1998-07-31 - Sentencing Ourselves to Prison
We in America are blessed by a lot of freedom. But sometimes we can imprison ourselves. We can build prisons of bitterness, of worry, of perceptions about circumstances, of addiction, of bitterness, of jealousy or other sin, of legalism. God can free us from our self-made prisons, and He desires to. And the prisons in our own minds, which we inflict on ourselves, can be the most restricting of all.
Take a couple of these: Bitterness: When we refuse to forgive someone, who is the one that is hurt the most? Who is the one most likely to lose sleep, whose stomach churns furiously in the presence of that person, who thinks of possibilities of revenge, who stews about it? It's the one who won't let it go.
Or worry: We can lose hours of sleep, elevate our blood pressure and distract ourselves from good things we could be doing - all in worry about something we probably can't change anyway! And I'm sure you've seen the statistic that 90% of what we worry about never even happens!
Some of us feel we are imprisoned or trapped at work. We dread the 40-60 hours a week we work. We feel there is no hope for change, and the thought of decades more of that can be overwhelmingly depressing.
Jealousy can be a cruel prison. Saul is a good example of that.
(1 Sam 18:7-11 NNAS) The women sang as they played, and said, "Saul has slain his thousands, And David his ten thousands." 8 Then Saul became very angry, for this saying displeased him; and he said, "They have ascribed to David ten thousands, but to me they have ascribed thousands. Now what more can he have but the kingdom?" 9 Saul looked at David with suspicion from that day on. 10 Now it came about on the next day that an evil spirit from God came mightily upon Saul, and he raved in the midst of the house, while David was playing the harp with his hand, as usual; and a spear was in Saul's hand. 11 Saul hurled the spear for he thought, "I will pin David to the wall." But David escaped from his presence twice.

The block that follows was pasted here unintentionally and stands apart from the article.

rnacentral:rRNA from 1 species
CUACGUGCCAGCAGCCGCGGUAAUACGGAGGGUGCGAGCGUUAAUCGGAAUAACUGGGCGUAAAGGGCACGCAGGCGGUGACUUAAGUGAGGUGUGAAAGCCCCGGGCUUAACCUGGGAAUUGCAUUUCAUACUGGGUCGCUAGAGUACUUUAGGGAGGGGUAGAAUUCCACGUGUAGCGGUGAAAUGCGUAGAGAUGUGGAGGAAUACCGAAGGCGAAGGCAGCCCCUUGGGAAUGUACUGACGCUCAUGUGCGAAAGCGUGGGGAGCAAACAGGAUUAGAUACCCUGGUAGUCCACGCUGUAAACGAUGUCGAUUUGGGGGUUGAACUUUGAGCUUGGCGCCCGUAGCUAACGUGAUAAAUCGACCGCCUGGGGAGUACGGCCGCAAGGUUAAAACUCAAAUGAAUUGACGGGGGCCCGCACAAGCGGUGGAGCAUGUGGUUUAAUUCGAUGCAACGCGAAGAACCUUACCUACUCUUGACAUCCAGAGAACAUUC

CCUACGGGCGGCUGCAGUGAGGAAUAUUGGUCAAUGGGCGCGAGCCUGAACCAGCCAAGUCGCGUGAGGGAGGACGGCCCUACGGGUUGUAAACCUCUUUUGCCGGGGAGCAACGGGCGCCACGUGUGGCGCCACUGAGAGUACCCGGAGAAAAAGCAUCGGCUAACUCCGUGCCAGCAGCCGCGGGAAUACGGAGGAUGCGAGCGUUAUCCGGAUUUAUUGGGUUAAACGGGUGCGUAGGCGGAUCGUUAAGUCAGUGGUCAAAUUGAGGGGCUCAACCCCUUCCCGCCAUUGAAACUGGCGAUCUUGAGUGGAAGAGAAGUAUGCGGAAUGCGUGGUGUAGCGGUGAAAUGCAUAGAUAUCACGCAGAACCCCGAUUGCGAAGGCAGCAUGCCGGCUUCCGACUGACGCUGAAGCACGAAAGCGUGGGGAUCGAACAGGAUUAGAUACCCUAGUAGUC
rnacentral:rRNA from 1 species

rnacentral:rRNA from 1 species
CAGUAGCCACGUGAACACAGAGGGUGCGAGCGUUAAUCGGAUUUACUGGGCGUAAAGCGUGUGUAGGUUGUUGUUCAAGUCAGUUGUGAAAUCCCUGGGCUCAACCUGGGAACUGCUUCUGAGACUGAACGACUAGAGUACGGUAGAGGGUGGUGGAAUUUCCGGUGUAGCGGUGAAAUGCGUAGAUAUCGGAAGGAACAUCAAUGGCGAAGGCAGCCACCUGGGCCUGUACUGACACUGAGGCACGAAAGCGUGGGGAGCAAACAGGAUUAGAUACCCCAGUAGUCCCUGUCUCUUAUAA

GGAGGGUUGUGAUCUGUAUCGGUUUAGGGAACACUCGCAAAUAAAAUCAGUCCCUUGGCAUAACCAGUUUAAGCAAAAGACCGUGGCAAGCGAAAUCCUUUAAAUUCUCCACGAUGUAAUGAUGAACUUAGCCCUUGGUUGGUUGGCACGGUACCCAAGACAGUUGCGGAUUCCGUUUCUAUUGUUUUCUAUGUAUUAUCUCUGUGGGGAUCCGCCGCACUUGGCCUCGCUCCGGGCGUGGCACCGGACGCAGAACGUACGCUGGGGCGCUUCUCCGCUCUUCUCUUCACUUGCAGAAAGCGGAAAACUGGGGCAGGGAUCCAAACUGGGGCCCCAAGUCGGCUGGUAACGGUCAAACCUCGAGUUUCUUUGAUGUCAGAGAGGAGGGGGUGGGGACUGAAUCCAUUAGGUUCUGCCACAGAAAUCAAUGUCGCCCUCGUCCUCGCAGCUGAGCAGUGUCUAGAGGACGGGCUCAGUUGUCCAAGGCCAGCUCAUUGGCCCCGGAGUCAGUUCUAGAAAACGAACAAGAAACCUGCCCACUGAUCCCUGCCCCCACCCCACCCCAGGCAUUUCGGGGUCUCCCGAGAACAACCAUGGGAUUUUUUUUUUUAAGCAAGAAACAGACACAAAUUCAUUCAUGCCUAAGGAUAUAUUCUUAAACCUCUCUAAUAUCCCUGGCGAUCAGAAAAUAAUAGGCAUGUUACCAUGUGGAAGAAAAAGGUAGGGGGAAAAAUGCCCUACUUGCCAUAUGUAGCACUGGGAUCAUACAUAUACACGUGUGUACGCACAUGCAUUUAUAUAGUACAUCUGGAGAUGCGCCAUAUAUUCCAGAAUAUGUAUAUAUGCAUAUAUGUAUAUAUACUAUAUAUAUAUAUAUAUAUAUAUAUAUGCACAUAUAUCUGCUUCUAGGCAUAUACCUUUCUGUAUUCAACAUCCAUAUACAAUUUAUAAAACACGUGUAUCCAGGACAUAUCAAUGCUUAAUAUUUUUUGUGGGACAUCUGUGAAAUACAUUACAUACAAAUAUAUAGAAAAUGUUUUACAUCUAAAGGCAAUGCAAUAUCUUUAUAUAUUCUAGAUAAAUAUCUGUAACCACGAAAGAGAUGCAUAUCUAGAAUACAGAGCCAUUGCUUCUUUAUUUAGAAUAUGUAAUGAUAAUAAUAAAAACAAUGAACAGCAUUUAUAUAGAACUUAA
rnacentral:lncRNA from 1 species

Saul became obsessed with getting rid of David, whom he perceived as an enemy. It imprisoned his mind, took over his life, consumed him. The word "perceived" is key here. We perceive circumstances or events as unbearable, unchangeable. But in Part 2, we will see how God can free us - sometimes He changes circumstances, but even more often He changes us.
Dear Father, please make us aware of our prisons, and help us to escape through the freedom You provide us via Your Son and Your Holy Spirit. In Jesus' name amen.